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I can't respond much to this.  From what I can see, your intuition trumps the bazillions of hours of observations made by astronomers with considerable education and access to this world's best telescopes.  Maybe they misplaced a decimal point?  That's your reaction?  Really?  Ok, live in that world.  Lots of people watch Fox "News."

Let's try to keep this straight. I'm the one advocating the mainstream opinion. I have posted a respected source, and included the reasoning behind the numbers.

Your indisputable source is a single sentence one guy wrote on his webpage.

Then you added some random pdfs you found with Google. But you are incapable of explaining why they are relevant, or of quoting the relevant part. How very odd.

You also seem to have overlooked my little experiment above. Let's try again, with more detail.

A sphere with a 5 parsec radius around the Sun has a volume of around 524 cubic parsecs. Thus, your prediction is that we'll find around 500 stars in this volume of space. My number suggests around 70.

If only there was some way to test these predictions!

But wait, there is. After all, we have "bazillions of hours of observations made by astronomers with considerable education and access to this world's best telescopes", as you put it above.

I wonder what they've found...

Oh, right. Around 60 stars. http://en.wikipedia.org/wiki/List_of_nearest_stars_and_brown_dwarfs

(I know, I know - you'll probably be along shortly to explain how anything written on Wikipedia is automatically wrong, with no need to offer any evidence.)

 

... "fluff," whatever that is, ...

 

For future reference, "fluff" is the story elements of the game – characters, setting, plot, flavor, etc.

 

I'd get laughed at, but maybe my audience is tougher than yours.  Not that I'm asking for an easier audience.  I'll build my game worlds based on the universe I live in, which changes every decade, btw, as we learn more about it.

You seem to be very confused Errant Knight. We're talking about the 40K universe. Not your special snowflake homebrew setting.

I would however love to see your "real world" numbers for human settlement patters and safe warp routes between stars in the Koronus Expanse, or trade figures and freighter cargo capacity.

I didn't even know scientists had cracked the secret of warp travel in the "real world". This is very exiting! And scary. Are they taking the necessary precautions to protect against demonic incursions?! Is this information perhaps also hidden somewhere in the paper you posted earlier?

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I pointed out earlier that my numbers for merchant ships per capita, the density of ports-of-call, etc. were based off real world examples of the15th-19th centuries, and were sketchy to apply to interstellar commerce, but that's all I really had to go with.  The numbers work for me, though.  If you want to quote me out of context to cover your tracks, feel free.  I'll still sleep well tonight.

 

What I find exciting from an RPG standpoint is the number of stellar remnants, brown dwarfs, and other objects with little or no luminosity that might contain planets rich in minerals.  There is a lot of unaccounted for energy/matter in the universe and scientists are beginning to account for some of it.  This gives me, as GM, a huge number of new environments I can populate my map with for my players, and an even greater number of new and original endeavors for them.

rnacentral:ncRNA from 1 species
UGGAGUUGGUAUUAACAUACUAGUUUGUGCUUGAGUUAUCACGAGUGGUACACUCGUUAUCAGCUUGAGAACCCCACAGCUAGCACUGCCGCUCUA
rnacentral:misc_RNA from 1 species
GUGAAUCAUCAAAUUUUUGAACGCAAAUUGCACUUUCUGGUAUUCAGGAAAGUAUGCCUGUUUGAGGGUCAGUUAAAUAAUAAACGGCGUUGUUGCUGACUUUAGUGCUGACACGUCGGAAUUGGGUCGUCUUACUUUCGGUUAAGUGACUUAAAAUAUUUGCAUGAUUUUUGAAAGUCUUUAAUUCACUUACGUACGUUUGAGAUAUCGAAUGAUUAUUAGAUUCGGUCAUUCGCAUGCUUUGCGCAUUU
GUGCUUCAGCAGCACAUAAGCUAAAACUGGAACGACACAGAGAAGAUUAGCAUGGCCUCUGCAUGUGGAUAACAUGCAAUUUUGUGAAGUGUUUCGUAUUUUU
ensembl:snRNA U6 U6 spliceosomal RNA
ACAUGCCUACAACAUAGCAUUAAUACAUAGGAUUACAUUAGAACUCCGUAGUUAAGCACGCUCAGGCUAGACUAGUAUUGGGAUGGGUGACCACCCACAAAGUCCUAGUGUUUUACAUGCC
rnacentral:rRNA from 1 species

So thank you Iku Rex.  Without you I would not have looked up some of this stuff and furthered my knowledge of the stars.  I've already begun to draw up an endeavor based around a stellar remnant I'll merge with a randomly-generated system from Stars in Inequity.  It's very promising.

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Expanding this a bit further, should there be a Winterscale-Chorda War, which side would other named dynasties support?

 

Saul would likely remain neutral. 

 

Armengarde would likely work for both sides, running smuggling operations. But there's a rivalry there with House Saul that could become a second, smaller war within the larger one. 

 

 

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I think that would be ultimately up to the GM where each of the other named RTs land. I imagine most would play both sides against each other or only sign on for short contracts or over particular locations.

 

The only clear RT I'd put in Winterscale's camp is Sarvus Trask. Otherwise, just take a list of all the RTs and flip a coin. I imagine most might take the opportunity to raid both sides. Why not get richer and more powerful at the expense of two of the largest dynasties? Though once the dust settles you have to hope that the victor is too exhausted to hunt you down.

 

Oh I will say that Wrath Umboldt would stay out of the fighting. On account that he sits on Port Wander and hands out advise and probably has a giant tip jar. His advise would probably to not get involved.

 

I don't think the Saul/Armengarde rivalry would got hot or get sucked into a bigger Winterscale/Chorda fight. The Winterscale/Chorda conflict would likely be centered around Lucien's Breath and radiate out from there. Saul's rivalry with Armengarde is over shipping and their rivalry actually helps them in the long run. It forces Saul to come up with new ways to tighten down on smuggling while Armengarde has to come up with ways around that. A shooting war with them would be bad for business. At least that is my take on their relationship from their blurbs. Though if they did get into a fight my money would be on Saul. His PF is stated at 93 to Armengarde's 50. Saul has the coin to hire all the guns he needs. (EotA 108, 111)

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It's all a matter of perspective.  When you look into the sky, what do you see?